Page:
The Browne Center

Building Empathy and Connectivity Through Play

Building Empathy and Connectivity Through Play

by Jeff Frigon, Youth & Student Programs Coordinator

In our work, we are often tasked with helping groups build healthy community.  Boiled down to its most basic form, the distillate for you science folks, a healthy community is made up of individuals who are connected enough to one another to behave well; to treat each other with kindness, caring, compassion; even in the face of challenge, sadness, joy, pain.

Creating and leveraging these connections is one of the cornerstones of my work here at The Browne Center; whether it be in Antibullying workshops or teambuilding with 6th graders, and has led me to focus on the concept of empathy. By definition, empathy is both an emotional and physiological identification that happens automatically in humans when we see another person having an experience.  Recent brain research has shown us that there is  a part of our brain (the inferior parietal cortex, among others) that “lights’ up when we perform any given action as well as when we witness another performing the same action.  These “light bulbs” have been coined by some as “mirror neurons.”

Now that is a lot of science to talk about play and connection, but it sheds light on why what we do works.  Most of us have settled into our patterns when working with groups; we have our favorite icebreakers and name games and tone setting activities.  What do these do?  What does “breaking the ice” and “setting tone” mean?  When one looks through the lens of Antibullying research that has found that the higher the levels of empathy an individual has, the more likely they will be to stand up for others and themselves and be less likely to bully, one can see at least one corner of the answer.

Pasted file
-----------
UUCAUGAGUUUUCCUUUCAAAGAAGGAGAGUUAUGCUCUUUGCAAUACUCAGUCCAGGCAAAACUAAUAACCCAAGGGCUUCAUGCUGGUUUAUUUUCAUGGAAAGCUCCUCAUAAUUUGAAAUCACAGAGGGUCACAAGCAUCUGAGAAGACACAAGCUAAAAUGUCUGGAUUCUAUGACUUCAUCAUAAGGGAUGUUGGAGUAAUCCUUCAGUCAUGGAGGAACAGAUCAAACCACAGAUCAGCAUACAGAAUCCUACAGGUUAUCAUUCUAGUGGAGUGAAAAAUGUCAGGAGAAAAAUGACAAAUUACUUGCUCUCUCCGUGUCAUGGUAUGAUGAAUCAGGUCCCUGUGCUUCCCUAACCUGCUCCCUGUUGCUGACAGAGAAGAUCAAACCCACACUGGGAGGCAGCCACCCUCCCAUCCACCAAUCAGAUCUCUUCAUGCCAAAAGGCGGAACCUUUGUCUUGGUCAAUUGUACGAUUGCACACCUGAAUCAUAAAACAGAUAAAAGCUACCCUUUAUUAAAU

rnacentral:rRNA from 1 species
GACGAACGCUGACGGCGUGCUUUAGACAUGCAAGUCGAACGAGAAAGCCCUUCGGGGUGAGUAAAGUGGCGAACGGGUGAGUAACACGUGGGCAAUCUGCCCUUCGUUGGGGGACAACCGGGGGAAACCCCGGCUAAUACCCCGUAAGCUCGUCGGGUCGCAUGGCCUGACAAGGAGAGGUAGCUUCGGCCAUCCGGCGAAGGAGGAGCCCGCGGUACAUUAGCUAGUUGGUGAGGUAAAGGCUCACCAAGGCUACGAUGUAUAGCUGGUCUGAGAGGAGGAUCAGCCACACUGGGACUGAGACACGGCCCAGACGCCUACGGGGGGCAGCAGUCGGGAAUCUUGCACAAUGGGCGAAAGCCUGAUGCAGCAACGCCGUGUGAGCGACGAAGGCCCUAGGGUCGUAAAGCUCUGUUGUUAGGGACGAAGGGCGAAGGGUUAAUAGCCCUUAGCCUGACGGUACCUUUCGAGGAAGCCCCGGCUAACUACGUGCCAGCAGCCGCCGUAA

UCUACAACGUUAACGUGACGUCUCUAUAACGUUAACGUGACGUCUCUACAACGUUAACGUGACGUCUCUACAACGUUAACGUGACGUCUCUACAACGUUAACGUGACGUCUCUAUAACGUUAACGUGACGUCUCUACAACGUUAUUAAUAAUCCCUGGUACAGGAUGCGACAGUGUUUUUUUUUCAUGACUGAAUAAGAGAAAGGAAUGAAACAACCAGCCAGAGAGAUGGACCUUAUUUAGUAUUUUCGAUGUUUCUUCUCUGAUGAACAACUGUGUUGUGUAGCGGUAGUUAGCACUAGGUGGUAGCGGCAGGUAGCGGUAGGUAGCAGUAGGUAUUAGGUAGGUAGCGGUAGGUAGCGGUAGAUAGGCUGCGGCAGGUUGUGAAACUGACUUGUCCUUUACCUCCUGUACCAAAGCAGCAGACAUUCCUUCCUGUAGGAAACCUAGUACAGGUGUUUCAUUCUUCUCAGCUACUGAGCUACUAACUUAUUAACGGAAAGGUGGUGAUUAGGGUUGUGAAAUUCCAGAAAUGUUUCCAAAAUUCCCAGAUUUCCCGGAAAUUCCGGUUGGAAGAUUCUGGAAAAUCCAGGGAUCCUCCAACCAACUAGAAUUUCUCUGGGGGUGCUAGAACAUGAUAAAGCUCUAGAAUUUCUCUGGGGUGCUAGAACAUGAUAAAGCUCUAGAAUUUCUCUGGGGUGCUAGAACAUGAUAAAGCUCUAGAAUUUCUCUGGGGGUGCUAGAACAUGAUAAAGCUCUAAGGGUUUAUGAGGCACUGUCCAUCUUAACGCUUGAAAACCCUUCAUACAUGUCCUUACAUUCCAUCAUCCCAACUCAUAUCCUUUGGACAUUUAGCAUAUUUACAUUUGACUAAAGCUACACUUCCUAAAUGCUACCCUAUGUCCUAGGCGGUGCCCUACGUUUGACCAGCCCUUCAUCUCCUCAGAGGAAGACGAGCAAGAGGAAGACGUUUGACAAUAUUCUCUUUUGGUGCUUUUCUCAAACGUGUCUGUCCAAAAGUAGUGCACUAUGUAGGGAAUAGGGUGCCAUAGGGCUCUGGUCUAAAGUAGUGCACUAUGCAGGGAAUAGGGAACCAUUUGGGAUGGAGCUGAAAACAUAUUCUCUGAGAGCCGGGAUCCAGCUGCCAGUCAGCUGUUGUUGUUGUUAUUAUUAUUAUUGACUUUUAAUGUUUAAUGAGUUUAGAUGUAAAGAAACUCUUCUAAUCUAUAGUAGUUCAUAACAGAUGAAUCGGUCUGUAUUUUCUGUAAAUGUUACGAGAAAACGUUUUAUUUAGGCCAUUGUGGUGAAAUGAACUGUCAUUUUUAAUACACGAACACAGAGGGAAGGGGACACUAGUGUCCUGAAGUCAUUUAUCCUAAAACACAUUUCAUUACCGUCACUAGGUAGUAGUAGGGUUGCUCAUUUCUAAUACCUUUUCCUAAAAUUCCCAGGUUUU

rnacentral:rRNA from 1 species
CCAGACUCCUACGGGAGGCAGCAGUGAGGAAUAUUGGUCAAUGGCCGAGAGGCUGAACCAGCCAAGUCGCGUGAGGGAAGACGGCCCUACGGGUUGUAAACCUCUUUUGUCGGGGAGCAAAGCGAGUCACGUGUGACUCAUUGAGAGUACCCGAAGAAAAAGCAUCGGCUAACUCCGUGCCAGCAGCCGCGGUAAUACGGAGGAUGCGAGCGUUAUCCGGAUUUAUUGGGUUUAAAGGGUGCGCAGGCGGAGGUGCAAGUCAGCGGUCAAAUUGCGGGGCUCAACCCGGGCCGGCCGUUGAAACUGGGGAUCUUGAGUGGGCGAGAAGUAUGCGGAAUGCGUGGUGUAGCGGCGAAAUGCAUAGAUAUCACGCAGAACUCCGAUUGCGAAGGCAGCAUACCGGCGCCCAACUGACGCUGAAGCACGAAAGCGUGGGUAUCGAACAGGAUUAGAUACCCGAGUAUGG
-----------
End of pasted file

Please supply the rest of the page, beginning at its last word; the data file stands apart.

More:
Through play, we see each other laugh and we laugh ourselves, firing off those mirror neurons and having an empathic or empathetic response on the biological level.  Through play we see each other engage in being vulnerable, say, getting “out” in a game of tag, and not being chastised or derided for it and are thus more likely to engage in being vulnerable ourselves (and in the process validating others’ vulnerability).  Through the guided practice of a well facilitated activity, we engage in risky behavior and support each other through spotting, belaying, rule enforcement; and through empathy build trust.  All these things drive connection, build history of shared story and experience, and if we play our games right, healthier communities.

Go on, make someone laugh, not only is it literally contagious, it will start the kind of connection we are looking for in our communities!

 

The Browne Center has been providing innovative experiential learning programs since the early 1980s. We provide a wide range of programming from comprehensive trainings to shorter one-day sessions. Our learning programs evolve to meet the needs of our clients and our diverse client base allows us to draw upon best practices from a variety of disciplines and remain sensitive to specific needs and outcomes.

Creating a dynamic program based on your group's specific goals is our approach with every single client. We can provide an action-packed program to meet your needs – whether you are coming together as a new group, integrating new members, building positive group relationships, addressing specific behaviors, or striving for performance excellence.